We can't hide from stress but can improve how we respond to it. We can grow from it, especially when we adopt strategies that make us stronger and more resilient in the face of stress. How we respond to, or buffer stress is crucial for resiliency. 


When followed up with rest and recovery and a growth mindset, stress builds resiliency. There's a saying, “it's not how far you fall, but how high you bounce that counts” - Zig Ziglar.


Resiliency is all about the bounce-back factor. 


Highly resilient people have a higher threshold for stress; when the going gets tough, they know how to deal with it. Luckily, there is no magic to resiliency. Anybody can cultivate it and practice it. 


Resource: Seven principles of building personal resilience : practical ways of growing through adversity


Breaking The Stress Loop With Coping Mechanisms That Work For You


Scheduling time for reflection can help us explore triggers. From that place, we have the opportunity to soothe and buffer stress in truly supportive ways. Watching Netflix while drinking a glass of wine and eating a bag of chips is not a coping mechanism. I’m not saying that you can’t do these things. I’m saying, let’s not confuse those behaviors as coping mechanisms. 


If you tend to suppress your stress or avoid it, you’re not processing it. Activities that facilitate avoidance or suppress the stress response are not going to buffer stress. You likely won’t feel better when you cope in this way. 


Unprocessed emotions and thoughts decrease resilience, reduce our capacity to respond to stress, and keep us stuck in stress loops


A typical stress loop looks like this.


Eat more (to regulate unprocessed emotions), sleep less (because stress is not processed, so it’s still on your mind), stop exercising (because you are likely tired from not sleeping), feel demotivated and upset because you aren’t taking care of yourself (exercise also makes you feel good), then eat more to deal with these new emotions (frustration, anger, guilt, etc). The cycle repeats. That’s one loop. There are hundreds, probably thousands, loops like this. 


The behavioral and hormonal changes associated with daily stress make it difficult to get unstuck. This leads to immune issues, hormone imbalances, accelerated aging, chronic illness, and many other physiological and psychological patterns. 


If stress continues to trap you or keep you stuck in dysfunctional loops, start processing. 


Processing looks like this: get curious and ask yourself these questions.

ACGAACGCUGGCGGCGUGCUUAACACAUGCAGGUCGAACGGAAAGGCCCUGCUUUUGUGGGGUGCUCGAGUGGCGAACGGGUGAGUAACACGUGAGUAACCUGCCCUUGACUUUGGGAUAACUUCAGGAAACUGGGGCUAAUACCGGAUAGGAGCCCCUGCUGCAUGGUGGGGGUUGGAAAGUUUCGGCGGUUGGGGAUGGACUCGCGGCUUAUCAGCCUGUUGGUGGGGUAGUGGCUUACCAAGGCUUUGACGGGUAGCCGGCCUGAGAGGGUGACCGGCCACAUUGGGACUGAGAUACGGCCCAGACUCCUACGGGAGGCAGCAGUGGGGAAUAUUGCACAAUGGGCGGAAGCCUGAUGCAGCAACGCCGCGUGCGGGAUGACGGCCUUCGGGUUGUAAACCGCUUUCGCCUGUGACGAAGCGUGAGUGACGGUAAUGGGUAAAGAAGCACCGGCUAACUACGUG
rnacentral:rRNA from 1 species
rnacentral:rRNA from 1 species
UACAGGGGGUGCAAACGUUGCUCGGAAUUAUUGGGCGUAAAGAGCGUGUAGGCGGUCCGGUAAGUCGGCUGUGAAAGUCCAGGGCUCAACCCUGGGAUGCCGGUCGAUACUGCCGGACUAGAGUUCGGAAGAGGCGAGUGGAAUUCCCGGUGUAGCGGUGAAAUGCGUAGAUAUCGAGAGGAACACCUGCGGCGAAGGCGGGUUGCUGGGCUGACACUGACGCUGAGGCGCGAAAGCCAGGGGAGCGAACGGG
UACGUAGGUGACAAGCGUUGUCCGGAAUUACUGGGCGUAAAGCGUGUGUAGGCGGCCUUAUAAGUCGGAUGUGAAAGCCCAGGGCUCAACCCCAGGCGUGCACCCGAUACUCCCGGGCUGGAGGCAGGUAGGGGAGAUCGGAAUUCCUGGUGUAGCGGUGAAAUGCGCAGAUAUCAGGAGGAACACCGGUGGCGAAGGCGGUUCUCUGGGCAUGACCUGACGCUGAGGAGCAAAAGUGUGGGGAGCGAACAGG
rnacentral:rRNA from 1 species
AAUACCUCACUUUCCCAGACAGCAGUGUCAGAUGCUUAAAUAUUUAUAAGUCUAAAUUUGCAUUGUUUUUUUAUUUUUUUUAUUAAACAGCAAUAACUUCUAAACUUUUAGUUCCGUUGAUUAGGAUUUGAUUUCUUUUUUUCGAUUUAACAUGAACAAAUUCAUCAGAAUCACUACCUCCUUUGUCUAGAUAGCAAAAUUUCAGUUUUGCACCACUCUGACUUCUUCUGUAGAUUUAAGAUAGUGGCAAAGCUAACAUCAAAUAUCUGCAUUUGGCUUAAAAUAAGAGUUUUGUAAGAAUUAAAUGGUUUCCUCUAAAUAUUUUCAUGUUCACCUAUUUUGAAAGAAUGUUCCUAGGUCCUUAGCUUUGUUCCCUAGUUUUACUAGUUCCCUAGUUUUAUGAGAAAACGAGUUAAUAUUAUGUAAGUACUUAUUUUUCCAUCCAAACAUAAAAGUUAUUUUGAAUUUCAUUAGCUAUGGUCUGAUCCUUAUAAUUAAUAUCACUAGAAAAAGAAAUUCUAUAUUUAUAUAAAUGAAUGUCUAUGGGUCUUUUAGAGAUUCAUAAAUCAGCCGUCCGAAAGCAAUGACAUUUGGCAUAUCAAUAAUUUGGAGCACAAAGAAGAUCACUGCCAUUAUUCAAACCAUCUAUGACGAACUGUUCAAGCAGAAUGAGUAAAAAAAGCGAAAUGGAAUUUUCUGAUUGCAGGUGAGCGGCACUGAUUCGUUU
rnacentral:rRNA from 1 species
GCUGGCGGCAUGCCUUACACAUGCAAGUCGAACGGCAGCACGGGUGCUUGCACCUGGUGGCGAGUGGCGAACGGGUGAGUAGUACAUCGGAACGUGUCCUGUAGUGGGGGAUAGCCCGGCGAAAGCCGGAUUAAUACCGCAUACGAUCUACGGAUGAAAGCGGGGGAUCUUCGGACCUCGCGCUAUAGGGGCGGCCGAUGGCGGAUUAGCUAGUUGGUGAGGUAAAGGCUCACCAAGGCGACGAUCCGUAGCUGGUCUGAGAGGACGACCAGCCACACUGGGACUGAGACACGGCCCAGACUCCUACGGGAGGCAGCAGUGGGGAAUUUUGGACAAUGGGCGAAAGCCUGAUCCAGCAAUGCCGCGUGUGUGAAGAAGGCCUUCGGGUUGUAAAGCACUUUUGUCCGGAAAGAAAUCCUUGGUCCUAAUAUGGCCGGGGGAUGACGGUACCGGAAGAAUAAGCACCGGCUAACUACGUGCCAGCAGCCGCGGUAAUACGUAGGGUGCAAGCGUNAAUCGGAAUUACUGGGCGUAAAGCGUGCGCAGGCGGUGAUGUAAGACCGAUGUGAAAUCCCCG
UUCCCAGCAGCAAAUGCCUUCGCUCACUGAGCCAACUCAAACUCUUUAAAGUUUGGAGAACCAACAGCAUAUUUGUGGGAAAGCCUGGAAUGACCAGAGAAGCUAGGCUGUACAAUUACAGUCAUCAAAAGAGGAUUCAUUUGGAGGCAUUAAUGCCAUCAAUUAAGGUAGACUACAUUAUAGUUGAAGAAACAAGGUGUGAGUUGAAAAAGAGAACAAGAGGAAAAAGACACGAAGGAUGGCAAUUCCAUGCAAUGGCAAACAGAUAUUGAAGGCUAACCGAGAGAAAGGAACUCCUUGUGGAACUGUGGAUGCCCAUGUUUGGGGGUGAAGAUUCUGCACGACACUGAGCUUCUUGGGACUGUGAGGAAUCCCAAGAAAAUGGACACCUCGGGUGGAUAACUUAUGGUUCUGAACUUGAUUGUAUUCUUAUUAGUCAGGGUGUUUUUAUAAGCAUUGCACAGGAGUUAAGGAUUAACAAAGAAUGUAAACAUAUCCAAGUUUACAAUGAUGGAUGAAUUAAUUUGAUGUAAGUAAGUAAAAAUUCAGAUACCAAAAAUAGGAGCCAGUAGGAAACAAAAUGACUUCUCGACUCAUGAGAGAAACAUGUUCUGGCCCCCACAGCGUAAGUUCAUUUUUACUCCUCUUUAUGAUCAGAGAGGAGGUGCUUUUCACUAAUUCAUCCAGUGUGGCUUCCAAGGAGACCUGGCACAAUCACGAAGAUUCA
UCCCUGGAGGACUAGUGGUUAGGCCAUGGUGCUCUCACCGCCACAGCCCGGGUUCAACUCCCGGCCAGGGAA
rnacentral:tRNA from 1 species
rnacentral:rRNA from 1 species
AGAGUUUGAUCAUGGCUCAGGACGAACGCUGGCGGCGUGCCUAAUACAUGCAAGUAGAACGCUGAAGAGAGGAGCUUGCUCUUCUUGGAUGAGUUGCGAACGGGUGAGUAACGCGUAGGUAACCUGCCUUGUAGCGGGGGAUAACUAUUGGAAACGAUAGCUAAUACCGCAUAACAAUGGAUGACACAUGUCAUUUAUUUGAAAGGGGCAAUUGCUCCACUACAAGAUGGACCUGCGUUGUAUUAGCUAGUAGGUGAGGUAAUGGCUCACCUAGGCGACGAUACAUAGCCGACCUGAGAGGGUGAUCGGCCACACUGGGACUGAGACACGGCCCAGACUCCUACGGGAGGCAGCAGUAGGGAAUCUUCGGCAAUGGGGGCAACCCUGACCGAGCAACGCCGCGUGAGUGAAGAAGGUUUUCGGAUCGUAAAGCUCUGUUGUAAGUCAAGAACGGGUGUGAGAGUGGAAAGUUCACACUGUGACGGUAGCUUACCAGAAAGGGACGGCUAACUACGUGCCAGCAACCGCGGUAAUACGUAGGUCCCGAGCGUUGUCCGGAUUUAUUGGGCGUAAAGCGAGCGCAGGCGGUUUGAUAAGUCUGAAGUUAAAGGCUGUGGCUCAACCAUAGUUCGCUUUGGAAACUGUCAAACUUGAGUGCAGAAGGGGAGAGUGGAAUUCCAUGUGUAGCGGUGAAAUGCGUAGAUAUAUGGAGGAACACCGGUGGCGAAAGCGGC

What triggered you? 

What are you feeling emotionally? 

What sensations do you notice in your body? 

Does this situation feel similar? 

What part of you was triggered by this situation? Is it a part of you that feels misunderstood, ignored, excluded, rejected, or underappreciated? 

Is this a pattern in your life? 


Use your insights to highlight strengths and better understand vulnerabilities. Everyone has different capabilities and limits when it comes to stress. 


“Resilience in dealing with adversity requires open-mindedness and a flexible problem-solving approach, allowing for listening, consideration of differing views and being open to a change of tactics or even strategy.” - Rod Warner via Seven principles of building personal resilience : practical ways of growing through adversity


Our daily habits can support a flexible and adaptable stress response or keep us trapped in constant struggle mode. The drain of persistent stress is a state of mind. It’s not about the stress itself; our perception and response to it matters. Do not mistake your stress as “not real” because you don’t work 16 hours a day or manage a multi-million dollar company with 100 employees. Stress is stress. 


Let’s Wrap Up With A Simple Equation


Physiological challenges (chronic activation of stress response) + stressors = decreased resiliency


This equation highlights two approaches for supporting your stress response. Both work together to build resiliency.  


  1. Physiological challenges: Support your brain and body with foundational health practices like restorative sleep, balance work/rest, nourishing foods that regulate blood sugar levels, connection, time for creativity and play, frequent movement, healthy boundaries, etc. These should be individualized according to your health needs.
  2. Explore stressors by processing your triggers to understand them better. This requires compassionate curiosity. Then, identify gaps or what you’re missing. What do you need to move through this challenge? From that place, you can implement strategies that will help you manage future triggers. Strategies might include learning a new skill, a perspective shift, creating and enforcing boundaries, or working with a coach or therapist for additional support and education.


This approach will ensure that you adapt to stress in healthy ways while increasing your stress tolerance.


Ann here again…


Remember, you dont have to do this alone. Schedule a discovery health call with me today to build your health care plan for stress resistance.